Leakey backing for elephant cull

Wildlife News

By Richard Black
Environment correspondent, BBC News website

The eminent conservationist Richard Leakey has given qualified backing for South Africa's plan to cull elephants.

"Though I find elephant culling repugnant, I can see the sense in it "-- Richard Leakey

In an article for the BBC News website, the former head of the Kenyan Wildlife Service says culling is "a necessary part of population management".

But Dr Leakey says there is also a responsibility to curb human activities that impinge on elephant habitat.

South Africa plans to allow culling after a gap of 14 years because of growing numbers of elephants.

The population is estimated to have expanded from 8,000 to 18,000 in little more than a decade. The plan has aroused the ire of some environment and animal welfare groups.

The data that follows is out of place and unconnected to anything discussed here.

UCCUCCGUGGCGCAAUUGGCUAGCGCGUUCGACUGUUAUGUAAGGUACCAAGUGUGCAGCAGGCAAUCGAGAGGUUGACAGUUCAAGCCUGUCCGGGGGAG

Some are so opposed to the plan that they have called for tourist boycotts.

Necessary evil

Having made his name as a palaeontologist studying the origins of humanity in Africa, the 1980s saw Dr Leakey at the forefront of the movement campaigning for the suspension of elephant culling.

But now he sees it as necessary.

"While I will never 'like' the idea of elephant culling, I do accept that given the impacts of human-induced climate change and habitat destruction, elephants inside and outside of protected areas will become an increasingly serious problem unless key populations are reduced and maintained at appropriate levels," he writes in an article for the BBC's Green Room series.

To read the remainder of this story please visit the website below:

Qualified support for Elephant Cull from Dr. Richard Leakey


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